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Recent Research: What Makes Economies Resilient? Economic Diversity, Experienced Workforce

March 31, 2016

What leading indicators allow a national, state, regional, or local economy to rebound from an exogenous shock (e.g., economic downturn or natural disaster)?

What risk factors are common among economies that were not resilient to an exogenous shock?

The academic literature defines resilient economies as economies that are able to absorb an exogenous shock with limited negative impact on economic prosperity and their workforce. Several recent studies have identified leading indicators of economic resiliency include age of workforce, diversification of industries, and other key factors. Researchers also have found several risk factors that place economies at high risk of instability in the face of an exogenous shock including household and public fiscal solvency.

In recent studies, the authors identify the importance of governance and local institutions as the key to improving and sustain economic resiliency in the face of exogenous shocks – economic, man-made, and natural. The authors of Local growth evolutions: recession, resilience and recovery emphasize the importance of developing proactive rather than simply reactive policy responses. These efforts should focus on three specific areas, according to the academic literature:

  • Workforce demographics;
  • Transportation infrastructure; and,
  • System diversification and complexity.

Several studies have looked at the composition of the workforce in an attempt to identify common demographic indicators of economic resiliency. In an article, What makes one economy more resilient than another?, researchers from Penn State found that economies higher shares of relatively young workers (aged 25-44 years) on average had lower resilience, suggesting that having a more experienced labor force allowed regions to cope better after the financial crisis. Surprisingly, they also found that there is no clear relationship between having a more highly educated workforce and resiliency. Penn State researchers also found that a higher share of self-employed workers in a county was unambiguously associated with greater resilience.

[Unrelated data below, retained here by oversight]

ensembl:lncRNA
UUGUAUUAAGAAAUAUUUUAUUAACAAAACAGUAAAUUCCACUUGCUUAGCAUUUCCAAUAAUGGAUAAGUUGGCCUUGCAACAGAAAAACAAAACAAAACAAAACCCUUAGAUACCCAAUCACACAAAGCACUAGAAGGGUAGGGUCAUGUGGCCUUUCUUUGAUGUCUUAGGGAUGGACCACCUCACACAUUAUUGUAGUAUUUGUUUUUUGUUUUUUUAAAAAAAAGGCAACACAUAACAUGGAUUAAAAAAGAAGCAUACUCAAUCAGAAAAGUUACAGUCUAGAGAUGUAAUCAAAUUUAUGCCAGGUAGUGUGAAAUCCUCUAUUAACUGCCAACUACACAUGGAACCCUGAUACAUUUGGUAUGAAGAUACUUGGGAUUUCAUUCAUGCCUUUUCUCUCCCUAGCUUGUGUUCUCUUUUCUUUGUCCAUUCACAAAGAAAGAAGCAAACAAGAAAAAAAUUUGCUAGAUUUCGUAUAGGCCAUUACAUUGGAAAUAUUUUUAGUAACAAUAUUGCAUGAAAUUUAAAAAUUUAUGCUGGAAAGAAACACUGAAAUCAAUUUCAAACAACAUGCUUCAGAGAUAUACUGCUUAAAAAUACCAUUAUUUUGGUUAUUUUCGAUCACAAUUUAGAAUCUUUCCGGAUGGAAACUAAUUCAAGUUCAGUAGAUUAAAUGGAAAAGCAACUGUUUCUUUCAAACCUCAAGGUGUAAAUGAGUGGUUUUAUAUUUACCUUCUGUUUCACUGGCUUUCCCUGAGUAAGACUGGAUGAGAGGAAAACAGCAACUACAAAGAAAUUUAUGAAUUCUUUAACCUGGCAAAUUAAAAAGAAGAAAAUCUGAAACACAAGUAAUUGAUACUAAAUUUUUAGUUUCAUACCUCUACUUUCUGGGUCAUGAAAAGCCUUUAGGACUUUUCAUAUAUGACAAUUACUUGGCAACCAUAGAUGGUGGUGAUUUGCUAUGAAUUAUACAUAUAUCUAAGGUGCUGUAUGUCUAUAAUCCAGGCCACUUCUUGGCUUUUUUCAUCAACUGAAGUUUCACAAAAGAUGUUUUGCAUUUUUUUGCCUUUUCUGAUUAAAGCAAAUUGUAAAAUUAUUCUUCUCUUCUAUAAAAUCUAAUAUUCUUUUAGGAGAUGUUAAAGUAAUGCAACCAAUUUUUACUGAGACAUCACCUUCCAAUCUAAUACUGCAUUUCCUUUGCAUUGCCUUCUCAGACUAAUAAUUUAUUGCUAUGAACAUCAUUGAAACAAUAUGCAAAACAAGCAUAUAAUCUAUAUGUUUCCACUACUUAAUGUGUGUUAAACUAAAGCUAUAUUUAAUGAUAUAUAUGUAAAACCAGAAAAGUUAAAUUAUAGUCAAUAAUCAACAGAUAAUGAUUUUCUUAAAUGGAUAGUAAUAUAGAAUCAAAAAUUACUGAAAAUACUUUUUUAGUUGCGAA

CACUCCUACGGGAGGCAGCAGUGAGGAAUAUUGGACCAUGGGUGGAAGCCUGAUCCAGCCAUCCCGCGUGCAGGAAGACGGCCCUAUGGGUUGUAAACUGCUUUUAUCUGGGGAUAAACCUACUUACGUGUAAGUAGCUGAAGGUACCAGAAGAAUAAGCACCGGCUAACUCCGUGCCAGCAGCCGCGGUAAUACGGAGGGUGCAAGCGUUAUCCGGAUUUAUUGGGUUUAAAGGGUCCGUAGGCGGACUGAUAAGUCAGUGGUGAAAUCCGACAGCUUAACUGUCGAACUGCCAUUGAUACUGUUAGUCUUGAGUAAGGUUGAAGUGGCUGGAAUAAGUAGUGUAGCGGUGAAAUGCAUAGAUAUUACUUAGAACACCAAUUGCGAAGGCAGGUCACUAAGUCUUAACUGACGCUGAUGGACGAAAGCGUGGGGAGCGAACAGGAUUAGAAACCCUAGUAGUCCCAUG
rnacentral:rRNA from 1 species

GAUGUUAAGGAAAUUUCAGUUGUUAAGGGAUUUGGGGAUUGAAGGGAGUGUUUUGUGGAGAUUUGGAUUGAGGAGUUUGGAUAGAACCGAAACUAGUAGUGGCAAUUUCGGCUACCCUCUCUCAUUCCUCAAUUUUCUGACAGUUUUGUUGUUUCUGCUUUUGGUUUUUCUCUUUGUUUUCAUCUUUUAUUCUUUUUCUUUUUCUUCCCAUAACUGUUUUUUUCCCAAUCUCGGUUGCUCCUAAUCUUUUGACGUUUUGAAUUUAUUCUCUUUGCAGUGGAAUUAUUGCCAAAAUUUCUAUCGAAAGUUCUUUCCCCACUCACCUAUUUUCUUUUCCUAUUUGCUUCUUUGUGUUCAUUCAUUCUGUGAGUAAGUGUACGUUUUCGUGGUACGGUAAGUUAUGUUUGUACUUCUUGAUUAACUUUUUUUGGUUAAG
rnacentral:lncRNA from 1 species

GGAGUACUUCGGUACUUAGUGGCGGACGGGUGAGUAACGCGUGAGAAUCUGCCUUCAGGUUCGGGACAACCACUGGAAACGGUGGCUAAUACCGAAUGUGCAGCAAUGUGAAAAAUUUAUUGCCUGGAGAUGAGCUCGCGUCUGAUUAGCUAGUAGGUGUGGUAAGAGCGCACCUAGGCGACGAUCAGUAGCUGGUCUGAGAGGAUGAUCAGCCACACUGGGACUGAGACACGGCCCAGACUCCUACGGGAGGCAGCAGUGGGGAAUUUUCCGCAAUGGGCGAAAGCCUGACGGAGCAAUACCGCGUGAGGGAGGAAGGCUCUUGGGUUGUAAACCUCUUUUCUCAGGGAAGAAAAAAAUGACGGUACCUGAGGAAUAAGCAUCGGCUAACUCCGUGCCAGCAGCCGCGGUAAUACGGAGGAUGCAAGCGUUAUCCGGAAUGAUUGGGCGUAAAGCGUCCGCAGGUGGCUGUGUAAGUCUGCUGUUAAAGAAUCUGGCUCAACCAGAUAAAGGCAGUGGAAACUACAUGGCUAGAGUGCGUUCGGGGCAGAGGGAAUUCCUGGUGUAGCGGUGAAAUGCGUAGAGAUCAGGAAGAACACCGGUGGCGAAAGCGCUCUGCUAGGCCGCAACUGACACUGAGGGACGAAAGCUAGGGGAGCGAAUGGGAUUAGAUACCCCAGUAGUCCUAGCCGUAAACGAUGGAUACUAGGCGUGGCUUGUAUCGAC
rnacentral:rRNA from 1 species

While the composition of the workforce remains an important factor, the ability to connect that workforce with jobs is essential. In Local growth evolutions: recession, resilience and recovery, the authors point out that the economies with higher resiliency have made investments in transport infrastructure that are far-reaching and service broad areas. The focus on a far-reach broad system allows residents in more isolated and deprived areas to receive education and training. In economies with low resiliency, these individuals are isolated and discouraged by a lack of economic opportunity.

Another key finding of economic resiliency is the importance of economic diversification and complexity. Penn State researchers found that economies with greater diversity experienced a smaller drop in economic growth/employment due to an exogenous shock. Similarly, more complex economies also avoided large drops in economic growth/employment. Interestingly, while both diversity and complexity reduce the impact of an exogenous shock, complex economies are much more likely to experience a faster recoveries that economies than were more diverse.

The researchers also found a link between complexity and diversity, they  indicated that the interaction between complexity and diversity led to a stronger positive effect with resiliency and recovery for both. This means that the effect of complexity on resilience becomes more positive at higher levels of diversity, while diversity’s impact turns positive at higher levels of complexity. Thus, the most resilient economies are multi-faceted and home to a diverse number of leading industries.